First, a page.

Brewer follows his ale trail to the pub
New licensee serves own beers at reopened bar that locals feared would become a coffee shop
21 July, 2017 — By Koos Couvée
Lee Hammerton behind the bar
WHEN Lee Hammerton decided to open a small brewery four years ago he had no idea that his ancestor had come up with the same idea – almost 150 years before.
Now, after successfully running Hammerton Brewery on an industrial estate in Roman Way, he has opened a pub, House of Hammerton, in Holloway Road with a nod to his family’s previously lost brewing history.
Formerly the Wig & Gown, the pub stocks his Hammerton beers alongside other ales from small London breweries.
“I collect old Hammerton labels and posters,” the 37-year-old brewer-turned-publican said. “We’ve got a poster from Reader’s’Digest in the 50s on the wall with an advert for an old Hammerton beer.”
The black and white poster depicts a woman holding a beer glass and winking at the camera alongside the slogan “Have a Hammerton For Zest”.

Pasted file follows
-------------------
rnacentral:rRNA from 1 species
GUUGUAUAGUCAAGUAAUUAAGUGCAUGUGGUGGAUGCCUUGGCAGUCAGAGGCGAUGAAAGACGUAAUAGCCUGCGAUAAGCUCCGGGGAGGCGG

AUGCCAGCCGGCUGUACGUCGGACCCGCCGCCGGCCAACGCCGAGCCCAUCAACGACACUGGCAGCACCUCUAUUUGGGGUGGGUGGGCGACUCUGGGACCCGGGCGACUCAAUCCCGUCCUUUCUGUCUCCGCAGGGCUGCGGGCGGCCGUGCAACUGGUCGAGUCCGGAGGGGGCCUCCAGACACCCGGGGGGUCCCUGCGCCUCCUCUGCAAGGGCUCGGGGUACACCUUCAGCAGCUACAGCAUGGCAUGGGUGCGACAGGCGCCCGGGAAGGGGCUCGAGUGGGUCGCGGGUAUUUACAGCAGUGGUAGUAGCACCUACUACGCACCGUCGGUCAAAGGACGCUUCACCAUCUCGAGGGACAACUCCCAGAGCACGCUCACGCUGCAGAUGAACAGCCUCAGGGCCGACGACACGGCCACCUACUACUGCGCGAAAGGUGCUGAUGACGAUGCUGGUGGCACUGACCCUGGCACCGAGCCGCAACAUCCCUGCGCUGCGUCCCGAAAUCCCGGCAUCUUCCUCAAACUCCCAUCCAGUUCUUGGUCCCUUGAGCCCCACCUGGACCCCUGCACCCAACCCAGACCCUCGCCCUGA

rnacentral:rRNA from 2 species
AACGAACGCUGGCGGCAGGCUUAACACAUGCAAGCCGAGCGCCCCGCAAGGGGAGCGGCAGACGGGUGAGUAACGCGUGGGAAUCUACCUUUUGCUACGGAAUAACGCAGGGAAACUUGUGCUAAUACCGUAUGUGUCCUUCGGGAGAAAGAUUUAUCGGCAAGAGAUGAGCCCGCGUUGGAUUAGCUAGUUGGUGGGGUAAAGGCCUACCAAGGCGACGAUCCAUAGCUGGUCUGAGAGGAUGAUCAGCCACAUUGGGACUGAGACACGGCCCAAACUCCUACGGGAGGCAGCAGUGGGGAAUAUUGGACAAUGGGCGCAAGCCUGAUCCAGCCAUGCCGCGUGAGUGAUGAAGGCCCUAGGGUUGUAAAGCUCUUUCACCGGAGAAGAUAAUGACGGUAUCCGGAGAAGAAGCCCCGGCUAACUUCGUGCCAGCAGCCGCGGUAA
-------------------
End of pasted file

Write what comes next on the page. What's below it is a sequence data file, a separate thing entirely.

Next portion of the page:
Poster for the original Hammerton stout
Mr Hammerton, who lives in Newington Green, has chosen an “industrial theme” for his pub, with concrete style walls and a giant metallic tap he designed himself taking centre stage.
His girlfriend, Karina Benavente, plans to open a Peruvian-themed pub kitchen in a nod to her own heritage.
The Wig & Gown, a rock-themed bar, closed in March amid fears that the pub might be turned into a coffee shop or gourmet chicken restaurant.
But the popularity of his brewery’s open days prompted Mr Hammerton to open a showcase for his ales.
“It’s an opportunity for residents to try all of our beers,” he said. “We’ve got a Thai-style IPA which has lemongrass and bird’s eye chili.”
His ancestor, Charles Hammerton, started the original Hammerton Brewery in Stockwell in 1868. Mr Hammerton only found out about it from his grandparents, long after it was sold in the 1940s.
The new pub’s most popular drink is the Pentonville Oyster Stout, which has links to the original brewery. “We decided to put the whole oyster in with the shell and we get a lot of mineral content from the shells,” Mr Hammerton said.
“I’m not sure why the original had oysters, but Stockwell is near the Thames.”